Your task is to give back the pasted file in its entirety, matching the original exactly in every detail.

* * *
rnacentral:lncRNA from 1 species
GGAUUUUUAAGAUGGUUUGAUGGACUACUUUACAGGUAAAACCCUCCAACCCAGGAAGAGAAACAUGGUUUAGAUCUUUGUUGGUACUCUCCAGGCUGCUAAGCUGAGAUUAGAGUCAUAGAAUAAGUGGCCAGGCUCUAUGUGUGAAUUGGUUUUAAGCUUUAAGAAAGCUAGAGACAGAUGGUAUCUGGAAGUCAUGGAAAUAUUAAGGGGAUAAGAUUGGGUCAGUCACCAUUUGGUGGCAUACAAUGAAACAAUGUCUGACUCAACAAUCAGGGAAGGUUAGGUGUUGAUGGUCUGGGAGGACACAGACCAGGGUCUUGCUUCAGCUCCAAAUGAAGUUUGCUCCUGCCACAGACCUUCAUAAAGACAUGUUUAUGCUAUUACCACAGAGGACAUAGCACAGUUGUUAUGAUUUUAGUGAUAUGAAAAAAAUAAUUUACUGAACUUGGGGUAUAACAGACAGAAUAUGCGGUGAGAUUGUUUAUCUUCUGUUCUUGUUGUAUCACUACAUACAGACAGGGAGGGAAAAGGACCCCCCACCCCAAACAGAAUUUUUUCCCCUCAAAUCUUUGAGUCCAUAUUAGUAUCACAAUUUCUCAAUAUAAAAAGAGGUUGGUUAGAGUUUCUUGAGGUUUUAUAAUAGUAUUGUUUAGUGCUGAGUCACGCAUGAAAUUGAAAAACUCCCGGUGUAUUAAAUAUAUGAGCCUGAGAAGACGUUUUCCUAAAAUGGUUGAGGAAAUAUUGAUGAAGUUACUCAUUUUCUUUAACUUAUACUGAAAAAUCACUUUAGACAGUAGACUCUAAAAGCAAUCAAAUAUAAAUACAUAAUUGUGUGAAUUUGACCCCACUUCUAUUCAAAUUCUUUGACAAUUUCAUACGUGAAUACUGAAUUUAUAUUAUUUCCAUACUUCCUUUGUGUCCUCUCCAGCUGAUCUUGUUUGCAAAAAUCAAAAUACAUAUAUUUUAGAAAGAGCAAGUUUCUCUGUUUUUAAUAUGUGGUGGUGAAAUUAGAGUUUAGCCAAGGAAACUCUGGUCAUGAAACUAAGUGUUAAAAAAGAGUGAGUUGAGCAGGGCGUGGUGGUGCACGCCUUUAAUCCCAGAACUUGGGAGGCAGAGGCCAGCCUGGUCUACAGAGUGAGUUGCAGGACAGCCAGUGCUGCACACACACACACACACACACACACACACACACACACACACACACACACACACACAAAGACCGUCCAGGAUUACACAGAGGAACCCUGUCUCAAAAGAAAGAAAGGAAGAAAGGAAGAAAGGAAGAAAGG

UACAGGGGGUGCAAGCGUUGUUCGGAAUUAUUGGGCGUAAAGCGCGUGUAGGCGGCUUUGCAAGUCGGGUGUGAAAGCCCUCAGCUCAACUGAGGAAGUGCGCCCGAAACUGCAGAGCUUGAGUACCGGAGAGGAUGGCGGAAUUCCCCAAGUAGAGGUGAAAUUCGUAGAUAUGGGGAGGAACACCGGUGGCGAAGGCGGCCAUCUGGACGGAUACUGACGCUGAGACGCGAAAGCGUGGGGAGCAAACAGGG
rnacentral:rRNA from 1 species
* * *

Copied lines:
rnacentral:lncRNA from 1 species
GGAUUUUUAAGAUGGUUUGAUGGACUACUUUACAGGUAAAACCCUCCAACCCAGGAAGAGAAACAUGGUUUAGAUCUUUGUUGGUACUCUCCAGGCUGCUAAGCUGAGAUUAGAGUCAUAGAAUAAGUGGCCAGGCUCUAUGUGUGAAUUGGUUUUAAGCUUUAAGAAAGCUAGAGACAGAUGGUAUCUGGAAGUCAUGGAAAUAUUAAGGGGAUAAGAUUGGGUCAGUCACCAUUUGGUGGCAUACAAUGAAACAAUGUCUGACUCAACAAUCAGGGAAGGUUAGGUGUUGAUGGUCUGGGAGGACACAGACCAGGGUCUUGCUUCAGCUCCAAAUGAAGUUUGCUCCUGCCACAGACCUUCAUAAAGACAUGUUUAUGCUAUUACCACAGAGGACAUAGCACAGUUGUUAUGAUUUUAGUGAUAUGAAAAAAAUAAUUUACUGAACUUGGGGUAUAACAGACAGAAUAUGCGGUGAGAUUGUUUAUCUUCUGUUCUUGUUGUAUCACUACAUACAGACAGGGAGGGAAAAGGACCCCCCACCCCAAACAGAAUUUUUUCCCCUCAAAUCUUUGAGUCCAUAUUAGUAUCACAAUUUCUCAAUAUAAAAAGAGGUUGGUUAGAGUUUCUUGAGGUUUUAUAAUAGUAUUGUUUAGUGCUGAGUCACGCAUGAAAUUGAAAAACUCCCGGUGUAUUAAAUAUAUGAGCCUGAGAAGACGUUUUCCUAAAAUGGUUGAGGAAAUAUUGAUGAAGUUACUCAUUUUCUUUAACUUAUACUGAAAAAUCACUUUAGACAGUAGACUCUAAAAGCAAUCAAAUAUAAAUACAUAAUUGUGUGAAUUUGACCCCACUUCUAUUCAAAUUCUUUGACAAUUUCAUACGUGAAUACUGAAUUUAUAUUAUUUCCAUACUUCCUUUGUGUCCUCUCCAGCUGAUCUUGUUUGCAAAAAUCAAAAUACAUAUAUUUUAGAAAGAGCAAGUUUCUCUGUUUUUAAUAUGUGGUGGUGAAAUUAGAGUUUAGCCAAGGAAACUCUGGUCAUGAAACUAAGUGUUAAAAAAGAGUGAGUUGAGCAGGGCGUGGUGGUGCACGCCUUUAAUCCCAGAACUUGGGAGGCAGAGGCCAGCCUGGUCUACAGAGUGAGUUGCAGGACAGCCAGUGCUGCACACACACACACACACACACACACACACACACACACACACACACACACACACACAAAGACCGUCCAGGAUUACACAGAGGAACCCUGUCUCAAAAGAAAGAAAGGAAGAAAGGAAGAAAGGAAGAAAGG

UACAGGGGGUGCAAGCGUUGUUCGGAAUUAUUGGGCGUAAAGCGCGUGUAGGCGGCUUUGCAAGUCGGGUGUGAAAGCCCUCAGCUCAACUGAGGAAGUGCGCCCGAAACUGCAGAGCUUGAGUACCGGAGAGGAUGGCGGAAUUCCCCAAGUAGAGGUGAAAUUCGUAGAUAUGGGGAGGAACACCGGUGGCGAAGGCGGCCAUCUGGACGGAUACUGACGCUGAGACGCGAAAGCGUGGGGAGCAAACAGGG
rnacentral:rRNA from 1 species